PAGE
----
Missing MH370 pilot wanted to settle in Geelong, family member claims

The captain of the vanished Malaysia Airlines flight MH370 was planning to settle in Australia after retiring, a family member claims.

The Australian reports captain Zaharie Ahmad Shah’s brother in law Asuad Khan Mustafa believes the pilot had his heart set on retirement at Geelong in Victoria.

“He wanted to migrate to Australia. He even asked his daughter to buy a house there and gave her money to do it,” Mustafa told the paper.

“The moment he dis¬appeared, that plan ended. He wanted the daughter to work in Australia and they (wife Faizah and Zaharie) would go there.”

Zaharie Ahmad Shah. Photo: Supplied

The flight from Beijing to Kuala Lumpur vanished on March 8, 2014, with 239 people on board.

An enormous search effort involving the Australian, Malaysian and Chinese governments has been underway ever since but, to date, the doomed plane has not been found.

Several fragments believed to be a part of the aircraft, however, have turned up in the two and a half years since the mystery began.

As captain of the flight, Zaharie Ahmad Shah’s movements, beliefs and conversations in the lead up the disappearance have been repeatedly scrutinised, despite Malaysian authorities clearing him of fault in a report in 2015.

This week relatives of passengers presumed dead this week appealed the governments not to abandon the search after Australia, China and Malaysia agreed to wind up their efforts.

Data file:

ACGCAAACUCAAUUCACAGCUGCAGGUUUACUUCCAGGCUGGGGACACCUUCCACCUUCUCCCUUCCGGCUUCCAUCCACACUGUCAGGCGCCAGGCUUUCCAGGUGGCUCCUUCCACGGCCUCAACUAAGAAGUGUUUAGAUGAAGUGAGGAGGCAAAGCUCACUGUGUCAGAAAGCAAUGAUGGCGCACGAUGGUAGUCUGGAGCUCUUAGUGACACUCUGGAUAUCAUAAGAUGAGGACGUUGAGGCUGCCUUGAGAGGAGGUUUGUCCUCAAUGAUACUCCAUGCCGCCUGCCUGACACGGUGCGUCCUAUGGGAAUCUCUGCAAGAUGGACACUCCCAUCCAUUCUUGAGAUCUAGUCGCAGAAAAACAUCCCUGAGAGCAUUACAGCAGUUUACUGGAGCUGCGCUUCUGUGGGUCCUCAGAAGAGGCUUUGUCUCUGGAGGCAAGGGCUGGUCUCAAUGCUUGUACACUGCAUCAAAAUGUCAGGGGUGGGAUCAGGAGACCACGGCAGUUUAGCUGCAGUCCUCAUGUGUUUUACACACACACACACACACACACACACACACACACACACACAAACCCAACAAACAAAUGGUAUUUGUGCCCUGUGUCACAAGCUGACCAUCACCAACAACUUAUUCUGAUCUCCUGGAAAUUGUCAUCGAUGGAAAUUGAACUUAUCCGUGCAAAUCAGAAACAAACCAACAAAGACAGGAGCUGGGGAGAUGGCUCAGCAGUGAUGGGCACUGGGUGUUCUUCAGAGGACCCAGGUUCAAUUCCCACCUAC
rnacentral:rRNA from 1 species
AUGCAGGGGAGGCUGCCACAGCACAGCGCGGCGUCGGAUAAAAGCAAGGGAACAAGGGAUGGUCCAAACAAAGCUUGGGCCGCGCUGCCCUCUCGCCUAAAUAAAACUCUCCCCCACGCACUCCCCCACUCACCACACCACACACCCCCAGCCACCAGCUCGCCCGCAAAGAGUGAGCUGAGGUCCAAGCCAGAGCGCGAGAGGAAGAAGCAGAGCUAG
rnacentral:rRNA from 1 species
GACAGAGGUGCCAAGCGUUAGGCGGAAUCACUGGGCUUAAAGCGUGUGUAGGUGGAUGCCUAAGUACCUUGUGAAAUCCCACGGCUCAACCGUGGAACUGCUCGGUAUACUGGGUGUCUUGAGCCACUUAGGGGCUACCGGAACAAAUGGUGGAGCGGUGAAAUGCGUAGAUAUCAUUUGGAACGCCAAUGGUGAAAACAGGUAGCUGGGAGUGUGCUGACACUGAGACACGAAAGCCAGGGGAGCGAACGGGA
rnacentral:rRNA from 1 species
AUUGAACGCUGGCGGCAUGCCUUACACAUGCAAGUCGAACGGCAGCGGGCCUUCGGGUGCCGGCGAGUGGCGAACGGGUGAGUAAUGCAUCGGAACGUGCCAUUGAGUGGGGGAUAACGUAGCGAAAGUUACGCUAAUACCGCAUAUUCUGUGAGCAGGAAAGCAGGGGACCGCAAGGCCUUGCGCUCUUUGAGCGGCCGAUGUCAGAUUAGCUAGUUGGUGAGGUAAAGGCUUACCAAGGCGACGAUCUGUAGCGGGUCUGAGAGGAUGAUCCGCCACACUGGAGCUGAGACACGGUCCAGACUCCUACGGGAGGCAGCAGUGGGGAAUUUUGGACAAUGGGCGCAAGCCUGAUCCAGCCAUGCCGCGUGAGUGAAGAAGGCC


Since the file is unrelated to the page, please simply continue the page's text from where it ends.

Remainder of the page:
Dutch search company Fugro is due to completes its current 120,000 square kilometre search zone in December.

The appeals come as Malaysia authorities warn against judging Captain Zaharie based on evidence of practice routes recovered from his home flight simulator.

AFP reports Malaysia’s Transport Minister Liow Tiong Lai saying Shah used the simulator to plot a very similar course to MH370's presumed final route.

But he stressed Zaharie had stored thousands of practice routes on a hard drive.

"There is no evidence to confirm that [the pilot] flew the plane into the southern Indian Ocean," the minister told reporters at a press conference Thursday.

The simulated route terminated about 1,500 kilometres from the area in the Indian Ocean in which MH370 is believed to have crashed.